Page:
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I use MsysGit on windows 7. I have one annoying problem. The entire bash_profile file seems to get executed twice. for example, I have the following echo line in the .bash_profile

echo "Boinkk..."

enter image description here

If I have

echo "Calvin..."
echo "Hobbes..."

Then I get enter image description here So I know that the .bash_profile file is getting executed twice and not each statement getting executed twice. The target for the "Git Bash" Executable is

C:\Windows\System32\cmd.exe /c ""C:\Program Files\Software\Git\bin\sh.exe" --login -i"

Does anybody know what I have to do to get the bash shell to execute the bash_profile statements only once?

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because if each statement was getting executed twice, I should have got Calvin... Calvin... Hobbes... Hobbes... – Prasanth Aug 4 '11 at 8:46
Do you have any other rc files like bashrc that source bash_profile? I don't think it would do anything but try removing the -i from your target. – jw013 Aug 4 '11 at 9:18
@jw013 I tried removing -i, didn't help. I also tried removing --login -i, but then .bash_profile didn't get sourced at all – wisbucky Jan 31 '14 at 0:21
up vote 1 down vote accepted

I'm not familiar with how to fix on Windows but if it were UNIX/Linux you could do:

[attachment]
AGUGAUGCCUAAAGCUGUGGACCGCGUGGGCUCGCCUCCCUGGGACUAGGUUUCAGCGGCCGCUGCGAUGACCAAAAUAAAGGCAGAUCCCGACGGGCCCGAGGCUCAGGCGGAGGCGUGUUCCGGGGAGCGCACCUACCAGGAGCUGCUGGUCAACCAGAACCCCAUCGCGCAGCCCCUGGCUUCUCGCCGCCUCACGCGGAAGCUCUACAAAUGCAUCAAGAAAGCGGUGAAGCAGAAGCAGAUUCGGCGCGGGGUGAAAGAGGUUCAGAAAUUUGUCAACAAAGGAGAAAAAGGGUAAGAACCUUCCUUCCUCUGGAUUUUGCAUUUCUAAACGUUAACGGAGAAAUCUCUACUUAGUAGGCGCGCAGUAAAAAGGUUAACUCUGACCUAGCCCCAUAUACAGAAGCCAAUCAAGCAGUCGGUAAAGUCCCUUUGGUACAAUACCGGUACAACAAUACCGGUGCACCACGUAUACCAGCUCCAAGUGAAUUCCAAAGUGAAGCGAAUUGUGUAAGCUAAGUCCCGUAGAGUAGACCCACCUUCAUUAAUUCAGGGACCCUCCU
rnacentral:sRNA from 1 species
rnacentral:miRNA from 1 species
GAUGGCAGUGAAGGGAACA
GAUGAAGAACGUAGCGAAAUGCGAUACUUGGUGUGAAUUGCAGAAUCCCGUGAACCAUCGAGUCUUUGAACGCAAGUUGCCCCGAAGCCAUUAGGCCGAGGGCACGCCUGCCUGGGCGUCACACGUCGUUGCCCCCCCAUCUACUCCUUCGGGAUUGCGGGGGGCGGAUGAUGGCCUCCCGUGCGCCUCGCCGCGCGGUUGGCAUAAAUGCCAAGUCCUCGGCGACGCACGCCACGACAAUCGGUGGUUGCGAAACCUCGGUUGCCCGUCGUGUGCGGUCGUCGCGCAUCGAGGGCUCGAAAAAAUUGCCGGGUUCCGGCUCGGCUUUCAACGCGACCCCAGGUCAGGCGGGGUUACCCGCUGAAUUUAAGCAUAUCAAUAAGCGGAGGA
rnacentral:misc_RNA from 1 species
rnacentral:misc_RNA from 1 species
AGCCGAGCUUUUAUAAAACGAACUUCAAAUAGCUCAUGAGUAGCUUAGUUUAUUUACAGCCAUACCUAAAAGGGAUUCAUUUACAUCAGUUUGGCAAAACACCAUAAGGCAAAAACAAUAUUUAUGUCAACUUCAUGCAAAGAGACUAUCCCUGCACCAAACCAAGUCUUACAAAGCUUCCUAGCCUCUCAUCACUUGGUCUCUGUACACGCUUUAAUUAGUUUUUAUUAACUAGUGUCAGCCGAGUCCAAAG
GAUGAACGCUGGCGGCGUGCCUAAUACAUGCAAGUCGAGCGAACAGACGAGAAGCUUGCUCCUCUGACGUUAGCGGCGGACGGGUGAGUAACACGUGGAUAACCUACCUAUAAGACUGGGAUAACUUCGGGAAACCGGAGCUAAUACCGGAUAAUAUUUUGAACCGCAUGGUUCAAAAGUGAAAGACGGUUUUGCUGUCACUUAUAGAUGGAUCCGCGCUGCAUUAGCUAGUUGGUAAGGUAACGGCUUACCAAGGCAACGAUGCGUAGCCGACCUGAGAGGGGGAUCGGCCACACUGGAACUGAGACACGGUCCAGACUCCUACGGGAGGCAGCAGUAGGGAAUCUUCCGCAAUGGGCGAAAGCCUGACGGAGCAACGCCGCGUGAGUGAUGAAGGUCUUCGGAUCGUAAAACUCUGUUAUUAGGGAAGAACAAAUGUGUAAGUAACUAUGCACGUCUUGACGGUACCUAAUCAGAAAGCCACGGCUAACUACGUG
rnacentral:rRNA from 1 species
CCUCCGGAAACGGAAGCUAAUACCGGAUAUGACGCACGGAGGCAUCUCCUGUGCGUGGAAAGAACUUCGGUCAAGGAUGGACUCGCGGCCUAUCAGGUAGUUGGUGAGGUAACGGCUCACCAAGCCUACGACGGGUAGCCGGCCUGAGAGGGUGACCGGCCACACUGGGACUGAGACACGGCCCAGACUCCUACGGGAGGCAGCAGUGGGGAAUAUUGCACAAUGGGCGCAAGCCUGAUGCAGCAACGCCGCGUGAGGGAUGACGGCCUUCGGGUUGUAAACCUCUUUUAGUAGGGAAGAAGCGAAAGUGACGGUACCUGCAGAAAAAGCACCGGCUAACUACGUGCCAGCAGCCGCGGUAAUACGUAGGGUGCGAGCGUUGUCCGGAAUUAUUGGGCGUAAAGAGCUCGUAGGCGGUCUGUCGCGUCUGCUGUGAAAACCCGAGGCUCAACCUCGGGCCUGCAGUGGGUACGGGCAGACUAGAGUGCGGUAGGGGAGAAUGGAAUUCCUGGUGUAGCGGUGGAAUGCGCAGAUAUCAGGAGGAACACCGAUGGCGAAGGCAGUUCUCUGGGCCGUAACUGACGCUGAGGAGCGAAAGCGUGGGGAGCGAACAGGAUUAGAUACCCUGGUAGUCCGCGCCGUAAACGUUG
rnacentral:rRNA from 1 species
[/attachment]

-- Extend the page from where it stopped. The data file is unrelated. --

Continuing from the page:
echo $PATH <br />

and see where you're getting your double entry from. I'm speculating that your .bash_profile is being added to the path more than once. If you track down where the path is being manipulated you can fix your problem.

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Thanks. Got it fixed – Prasanth Sep 3 '11 at 10:34
@Prasanth Can you share what the fix was? I tried echo $PATH <br />, echo "$0", echo "$BASH_SOURCE" to try to find what was sourcing .bash_profile twice, but no luck. I have no .bashrc files. It appears to me that Git Bash is sourcing ~/.bash_profile twice when it starts. – wisbucky Jan 31 '14 at 0:44
Git bash was sourcing my .bash_profile already. That was my problem. Ive long since moved to a Unix set up. – Prasanth Feb 3 '14 at 4:45

I had the same problem and noticed there was no ~/.bashrc file.

Creating an empty ~/.bashrc resolved the issue:

touch ~/.bashrc

I could only speculate as to why this worked, but it did.

share|improve this answer
This also mysteriously worked for me using Git Bash on Windows. Thanks! – jingtao Mar 8 '15 at 6:00

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